The holidays are fast approaching and whatever you celebrate, this time of year always adds an element of stress to our daily lives. After the past several years, we are all striving to find the “new normal”, and added stress is not what we need as we enter into this joyful season. Queen Anne’s Chorale, however, has a solution! Their annual holiday concert on December 3rd and 4th is entitled “Peace and Harmony”, and will feature serene and quiet music, along with traditional holiday favorites to get you into the spirit and help calm jangled nerves. One of the beautiful pieces being offered is Felix Mendelssohn’s “How Lovely Are the Messengers”, a hauntingly lovely song whose couriers preach “the gospel of peace” from his famous oratorio Saint Paul. “I Heard the Bells on Christmas Day” is based on the 1863 poem “Christmas Bells’ by Henry Wadsworth Longfellow, that tells of Christmas bells being heard during the American Civil War. The carol concludes with the bells ringing out that there will ultimately be “…peace on earth, good will to men”. Artistic Director Bob Huntington noted that singers have fallen in love with a fresh setting of the Gaelic Blessing called “Deep Peace” by Bill Douglas. The text is a kind of litany wishing for the recipient the deep peace of “running waves,” “flowing air,” “quiet earth,” “shining stars”, “gentle night”, and “healing light”.
The Select Ensemble, a group of auditioned singers from the Chorale’s ranks, will offer several pieces that will delight the audience with holiday music. Guest artist Heather Fullerton will play flute. The audience will be invited to join in the sing-along portion of the concert, which is always a favorite. A light reception will follow the concert.
The concerts will be performed at Centreville United Methodist Church located at 608 Church Hill Road, Centreville, on Saturday, December 3 at 7pm, and again on Sunday, December 4 at 3pm. Tickets are available at the door and are $20 for adults, with children through high school admitted free. For more information, go to
Queen Anne’s Chorale is supported in part through grants from the United Way of Queen Anne’s County, the Queen Anne’s County Centre for the Arts, and the Maryland State Arts Council, an agency dedicated to cultivating a vibrant cultural community where the arts thrive.

Gunston Welcomes 51 Students to the National Honor Society 

Centreville, MD – The Gunston School is pleased to welcome 51 students to the National Honor Society. Joined by their families, students assembled in Gunston’s Field House for the ceremony.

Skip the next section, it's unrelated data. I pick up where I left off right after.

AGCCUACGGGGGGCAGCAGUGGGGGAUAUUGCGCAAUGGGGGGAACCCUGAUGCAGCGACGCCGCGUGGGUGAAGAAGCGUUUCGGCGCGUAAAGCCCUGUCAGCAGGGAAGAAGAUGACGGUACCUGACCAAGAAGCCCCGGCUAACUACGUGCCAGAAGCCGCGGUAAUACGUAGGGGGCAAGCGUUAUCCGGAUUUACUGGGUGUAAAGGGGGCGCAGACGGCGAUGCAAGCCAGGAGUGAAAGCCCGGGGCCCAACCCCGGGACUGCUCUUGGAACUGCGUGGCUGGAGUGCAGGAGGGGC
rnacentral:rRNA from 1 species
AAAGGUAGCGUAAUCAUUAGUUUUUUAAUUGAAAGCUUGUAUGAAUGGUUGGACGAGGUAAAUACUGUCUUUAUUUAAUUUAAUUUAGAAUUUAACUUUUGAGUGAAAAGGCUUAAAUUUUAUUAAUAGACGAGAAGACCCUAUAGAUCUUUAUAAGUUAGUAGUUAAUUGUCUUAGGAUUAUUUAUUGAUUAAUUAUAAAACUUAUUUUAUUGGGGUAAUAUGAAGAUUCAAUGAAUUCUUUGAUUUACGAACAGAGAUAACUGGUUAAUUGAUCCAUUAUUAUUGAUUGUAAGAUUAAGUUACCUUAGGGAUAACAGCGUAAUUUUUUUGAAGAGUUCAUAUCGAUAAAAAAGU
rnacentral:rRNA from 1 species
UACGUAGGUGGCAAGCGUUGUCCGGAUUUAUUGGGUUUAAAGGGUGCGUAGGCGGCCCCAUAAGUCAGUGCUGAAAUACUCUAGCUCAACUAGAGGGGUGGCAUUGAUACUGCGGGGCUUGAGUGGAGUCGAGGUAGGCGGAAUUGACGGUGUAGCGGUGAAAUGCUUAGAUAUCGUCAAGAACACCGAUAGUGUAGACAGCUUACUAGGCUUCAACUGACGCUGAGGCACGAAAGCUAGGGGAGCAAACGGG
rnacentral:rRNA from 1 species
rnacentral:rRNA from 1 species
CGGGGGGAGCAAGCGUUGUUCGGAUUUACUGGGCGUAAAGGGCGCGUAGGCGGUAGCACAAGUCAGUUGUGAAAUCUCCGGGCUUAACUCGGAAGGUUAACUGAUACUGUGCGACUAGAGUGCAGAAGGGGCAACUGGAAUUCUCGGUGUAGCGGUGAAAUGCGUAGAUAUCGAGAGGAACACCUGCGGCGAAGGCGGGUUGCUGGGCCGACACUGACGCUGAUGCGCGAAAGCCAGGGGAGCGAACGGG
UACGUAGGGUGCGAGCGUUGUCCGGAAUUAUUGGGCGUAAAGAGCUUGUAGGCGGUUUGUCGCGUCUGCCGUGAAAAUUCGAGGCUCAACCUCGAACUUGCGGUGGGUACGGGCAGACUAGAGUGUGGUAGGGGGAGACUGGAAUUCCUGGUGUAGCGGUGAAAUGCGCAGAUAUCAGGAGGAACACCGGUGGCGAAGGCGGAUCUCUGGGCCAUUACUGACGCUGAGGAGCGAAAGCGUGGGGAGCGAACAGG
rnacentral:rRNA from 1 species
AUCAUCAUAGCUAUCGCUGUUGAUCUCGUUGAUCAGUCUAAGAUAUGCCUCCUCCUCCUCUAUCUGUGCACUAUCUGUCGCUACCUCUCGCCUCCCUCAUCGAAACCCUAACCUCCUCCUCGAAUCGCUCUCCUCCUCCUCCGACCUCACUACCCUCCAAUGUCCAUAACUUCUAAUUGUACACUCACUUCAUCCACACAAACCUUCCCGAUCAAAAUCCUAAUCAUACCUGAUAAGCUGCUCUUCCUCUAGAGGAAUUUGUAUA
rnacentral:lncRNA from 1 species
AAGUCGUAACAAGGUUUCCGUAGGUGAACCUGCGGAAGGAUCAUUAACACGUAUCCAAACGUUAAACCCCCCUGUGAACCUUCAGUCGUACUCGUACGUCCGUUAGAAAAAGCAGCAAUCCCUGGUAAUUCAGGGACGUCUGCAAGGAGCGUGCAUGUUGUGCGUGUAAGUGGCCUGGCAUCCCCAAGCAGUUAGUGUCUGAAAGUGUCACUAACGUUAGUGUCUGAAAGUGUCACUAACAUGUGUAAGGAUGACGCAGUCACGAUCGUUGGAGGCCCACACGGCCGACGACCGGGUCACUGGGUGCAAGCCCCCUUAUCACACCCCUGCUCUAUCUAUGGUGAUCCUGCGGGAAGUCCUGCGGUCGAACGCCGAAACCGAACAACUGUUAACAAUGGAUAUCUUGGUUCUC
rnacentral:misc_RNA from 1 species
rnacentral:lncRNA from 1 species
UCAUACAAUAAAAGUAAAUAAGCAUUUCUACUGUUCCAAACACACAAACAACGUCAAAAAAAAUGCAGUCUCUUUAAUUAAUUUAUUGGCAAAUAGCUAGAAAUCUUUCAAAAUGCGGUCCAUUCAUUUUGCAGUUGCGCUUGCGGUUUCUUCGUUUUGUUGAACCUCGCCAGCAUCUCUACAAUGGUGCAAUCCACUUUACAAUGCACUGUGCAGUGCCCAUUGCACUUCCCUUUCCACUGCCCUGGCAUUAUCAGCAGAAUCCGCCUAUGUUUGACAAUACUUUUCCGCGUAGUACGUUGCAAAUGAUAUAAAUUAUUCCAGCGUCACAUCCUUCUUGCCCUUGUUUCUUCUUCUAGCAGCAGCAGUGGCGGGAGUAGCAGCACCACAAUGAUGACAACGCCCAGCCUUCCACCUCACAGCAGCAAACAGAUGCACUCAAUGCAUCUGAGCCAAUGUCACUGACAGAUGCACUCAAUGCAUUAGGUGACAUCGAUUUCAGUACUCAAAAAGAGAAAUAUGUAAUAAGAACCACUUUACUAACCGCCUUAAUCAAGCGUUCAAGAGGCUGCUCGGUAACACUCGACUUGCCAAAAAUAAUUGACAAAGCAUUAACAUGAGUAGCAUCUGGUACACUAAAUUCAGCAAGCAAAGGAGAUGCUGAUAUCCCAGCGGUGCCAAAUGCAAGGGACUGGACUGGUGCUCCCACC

This year’s newly selected members include juniors Quinn Baughman, Michael Billings, Zoe Buzzelli, Benjamin Cook, Turner Day, Liam Dickey, Harrison Dunstan, Allie Fitzgerald, Edward Gillespie, Trevor Green, Colin Hallmark, Jessica Hammond, Caeden Harrison, Abigail Houseknecht, Samantha Jayne, Sophia Kent, Maren Kneeland, Lucas LaFleur, Ben Lutz, Madison Lutz, Josie Merton, Caitlin Myers, Tilghman Overton, Lilah Paddy, Matthew Periconi, Katherine Porter, Taylor Rainer, Joanna Riley, Ava Runz, Jan Serraviñals, Annabelle Sinatra, Jonah Smith, Isabella Taylor, and Jackson Wood. 

Newly inducted seniors include Nick Ceruolo, Thomas de los Reyes, Olivia Faff, Catherine Hansen, Garrett Lang, Calla McCluskey, Bates Nittle, Grace Anne Phillips, Miranda Pope, Nathan Porter, Aaron Sanderson, MacKenzie Smith, William Stuart, Finnegan Theeke, Brielle Tyler, Autumn Watson, and Linze (Alfred) Zhao.

Current NHS officers include the following seniors: President Lane Parkhurst, Vice President Kelby Booth, Secretary Olivia Amygdalos, Service Coordinator Julia Buchanan, Parliamentarian Angelina Lin and Communications Zack Adams. 

This year’s guest speaker was Judith Warfield Price, president of the Centreville Rotary Club who is also a Paul Harris Fellow for her support of the international Rotary Foundation. A native of the Eastern Shore, Judy graduated from Saints Peter & Paul High School in Easton, received her B.A in political science from Western Maryland (now McDaniel) College, and, subsequently, her Juris Doctor degree from the University of Maryland. In addition to various roles throughout her career, she also served as the Executive Director of the Waterfowl Festival, an Eastern Shore non-profit benefiting wildlife conservation. She served in that position from the Festival’s 26th year through its 43rd year and had the honor of being chosen to serve on the panel of judges for the 2009 Federal Duck Stamp Contest. Price recently retired from The Aspen Institute, Inc., where she has worked since 2014.

Mrs. Price spoke to the students about being open to taking appropriate professional risks and adapting to change; Looking beyond ourselves and responding to the needs of others locally, nationally, and globally; and, enjoying the journey along the way.

Each fall, membership in NHS is offered to those students who meet the required standards put forth by the national office in four areas of evaluation: scholarship, leadership, service, and character. For the scholarship criterion, a student must have a cumulative grade point average of 88 (B+) or higher. 

Students who meet this criterion are invited to submit a comprehensive resume that outlines their activities, achievements, leadership, and service. To evaluate a candidate on the national criterion of character, a student’s school records are reviewed, and each candidate selects four members of the faculty to provide their professional reflections on the candidate’s citizenship, leadership, activities, and personal conduct.